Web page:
Each macro-economic indicator tells its own story

After 18 months in the doldrums, the Dutch economy has largely recovered from the Covid-19 downturn.

Compared to two years ago, GDP in the second quarter of 2021 was lagging a mere 0.4% behind. The reopening of shops and restaurants has certainly encouraged people to start spending again. And reduced consumer spending is the main reason why the economy is still smaller than it was before the pandemic. Consumption is still a long way from bouncing back to the level of 2019. Consumers are still spending 4.7% less than they did before Covid-19 hit. In contrast, trade and exports have made a full recovery. This sector not only grew compared to 2020, but also compared to 2019. In particular, exports of machinery, chemical products, metal products and transport equipment increased.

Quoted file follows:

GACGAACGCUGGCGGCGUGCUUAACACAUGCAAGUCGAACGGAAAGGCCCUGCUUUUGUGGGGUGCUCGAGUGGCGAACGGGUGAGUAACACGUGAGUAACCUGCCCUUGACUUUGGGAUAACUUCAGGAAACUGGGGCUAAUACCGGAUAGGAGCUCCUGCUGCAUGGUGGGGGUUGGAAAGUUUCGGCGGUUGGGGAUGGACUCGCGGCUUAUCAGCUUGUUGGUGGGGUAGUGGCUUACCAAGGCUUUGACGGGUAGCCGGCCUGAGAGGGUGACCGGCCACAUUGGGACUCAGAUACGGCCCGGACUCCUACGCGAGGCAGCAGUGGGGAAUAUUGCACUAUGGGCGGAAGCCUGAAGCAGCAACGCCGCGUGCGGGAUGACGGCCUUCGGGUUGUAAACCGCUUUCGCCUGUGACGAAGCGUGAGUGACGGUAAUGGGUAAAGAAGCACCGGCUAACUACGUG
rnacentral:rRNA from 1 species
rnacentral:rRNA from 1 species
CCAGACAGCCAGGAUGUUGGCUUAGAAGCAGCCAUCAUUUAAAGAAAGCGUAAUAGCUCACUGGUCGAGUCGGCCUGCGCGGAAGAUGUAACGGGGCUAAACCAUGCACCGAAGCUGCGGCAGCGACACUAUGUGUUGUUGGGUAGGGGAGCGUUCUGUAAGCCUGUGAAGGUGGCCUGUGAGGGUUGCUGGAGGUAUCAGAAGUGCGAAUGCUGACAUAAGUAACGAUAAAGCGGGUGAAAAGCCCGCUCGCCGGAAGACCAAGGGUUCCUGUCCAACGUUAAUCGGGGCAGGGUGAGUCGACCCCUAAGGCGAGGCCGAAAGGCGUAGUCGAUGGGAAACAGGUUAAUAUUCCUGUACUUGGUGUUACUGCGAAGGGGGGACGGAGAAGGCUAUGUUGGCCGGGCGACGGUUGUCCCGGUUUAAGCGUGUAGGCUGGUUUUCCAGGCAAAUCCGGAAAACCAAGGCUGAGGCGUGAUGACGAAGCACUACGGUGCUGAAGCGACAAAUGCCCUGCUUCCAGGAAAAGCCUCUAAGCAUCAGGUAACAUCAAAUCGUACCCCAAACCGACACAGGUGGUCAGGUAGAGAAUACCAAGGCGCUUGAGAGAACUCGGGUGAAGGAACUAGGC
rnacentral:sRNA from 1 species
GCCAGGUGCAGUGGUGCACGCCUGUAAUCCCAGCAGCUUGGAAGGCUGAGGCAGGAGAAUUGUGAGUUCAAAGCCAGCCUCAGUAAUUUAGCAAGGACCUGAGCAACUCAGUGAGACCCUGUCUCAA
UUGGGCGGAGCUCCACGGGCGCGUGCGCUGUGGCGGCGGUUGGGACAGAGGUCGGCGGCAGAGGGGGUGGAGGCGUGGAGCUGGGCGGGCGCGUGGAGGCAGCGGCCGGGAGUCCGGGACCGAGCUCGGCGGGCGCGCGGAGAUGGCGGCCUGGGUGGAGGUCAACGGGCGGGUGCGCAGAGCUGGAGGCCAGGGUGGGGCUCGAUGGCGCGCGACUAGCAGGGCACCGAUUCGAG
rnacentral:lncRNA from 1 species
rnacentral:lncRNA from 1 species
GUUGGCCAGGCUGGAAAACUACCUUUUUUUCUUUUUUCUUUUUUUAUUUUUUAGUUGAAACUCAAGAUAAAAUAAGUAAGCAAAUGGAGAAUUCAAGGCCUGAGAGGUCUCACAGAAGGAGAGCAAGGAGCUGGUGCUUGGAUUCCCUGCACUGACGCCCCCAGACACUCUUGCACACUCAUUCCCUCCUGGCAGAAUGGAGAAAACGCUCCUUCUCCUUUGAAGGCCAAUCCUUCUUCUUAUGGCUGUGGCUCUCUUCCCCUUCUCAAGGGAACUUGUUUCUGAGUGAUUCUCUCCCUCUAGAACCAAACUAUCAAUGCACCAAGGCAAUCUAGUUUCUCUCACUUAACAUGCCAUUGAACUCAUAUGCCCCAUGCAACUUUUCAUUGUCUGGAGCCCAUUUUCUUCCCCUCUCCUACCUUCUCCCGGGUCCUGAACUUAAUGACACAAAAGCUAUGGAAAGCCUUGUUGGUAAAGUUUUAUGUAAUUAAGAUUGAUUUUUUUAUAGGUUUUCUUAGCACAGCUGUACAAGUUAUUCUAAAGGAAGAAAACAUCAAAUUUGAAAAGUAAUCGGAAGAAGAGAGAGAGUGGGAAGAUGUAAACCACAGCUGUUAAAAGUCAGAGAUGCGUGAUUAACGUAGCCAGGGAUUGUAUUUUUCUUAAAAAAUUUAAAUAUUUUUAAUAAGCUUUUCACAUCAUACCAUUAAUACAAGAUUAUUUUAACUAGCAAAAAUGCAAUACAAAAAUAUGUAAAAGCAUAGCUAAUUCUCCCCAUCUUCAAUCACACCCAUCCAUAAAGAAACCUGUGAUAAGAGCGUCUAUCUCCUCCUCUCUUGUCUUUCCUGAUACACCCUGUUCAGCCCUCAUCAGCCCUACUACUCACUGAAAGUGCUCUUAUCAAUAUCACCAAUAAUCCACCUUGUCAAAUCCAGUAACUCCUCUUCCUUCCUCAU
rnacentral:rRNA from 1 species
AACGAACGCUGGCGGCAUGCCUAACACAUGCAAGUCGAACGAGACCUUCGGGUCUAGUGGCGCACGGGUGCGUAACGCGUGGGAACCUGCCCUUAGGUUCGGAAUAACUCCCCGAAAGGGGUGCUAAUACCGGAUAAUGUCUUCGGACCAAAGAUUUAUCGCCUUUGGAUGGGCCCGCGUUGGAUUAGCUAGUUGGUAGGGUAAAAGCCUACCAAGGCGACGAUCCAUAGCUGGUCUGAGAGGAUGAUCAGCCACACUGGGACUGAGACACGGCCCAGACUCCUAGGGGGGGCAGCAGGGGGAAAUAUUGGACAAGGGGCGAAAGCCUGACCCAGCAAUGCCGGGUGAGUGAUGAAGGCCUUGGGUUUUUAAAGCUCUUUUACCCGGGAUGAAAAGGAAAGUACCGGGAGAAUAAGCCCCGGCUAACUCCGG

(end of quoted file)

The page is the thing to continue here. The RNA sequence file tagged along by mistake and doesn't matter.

The labour market in 2021Q2 was characterised by shortages. There were 106 vacancies for every 100 jobseekers.

This tight labour market is mainly due to a record growth in the number of unfilled vacancies, especially in trade, business services, healthcare and tech. The key question, given that the economy has virtually recovered from the pandemic, is whether the occupier market is also showing clear signs of recovery.

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Evidence of occupier market recovery

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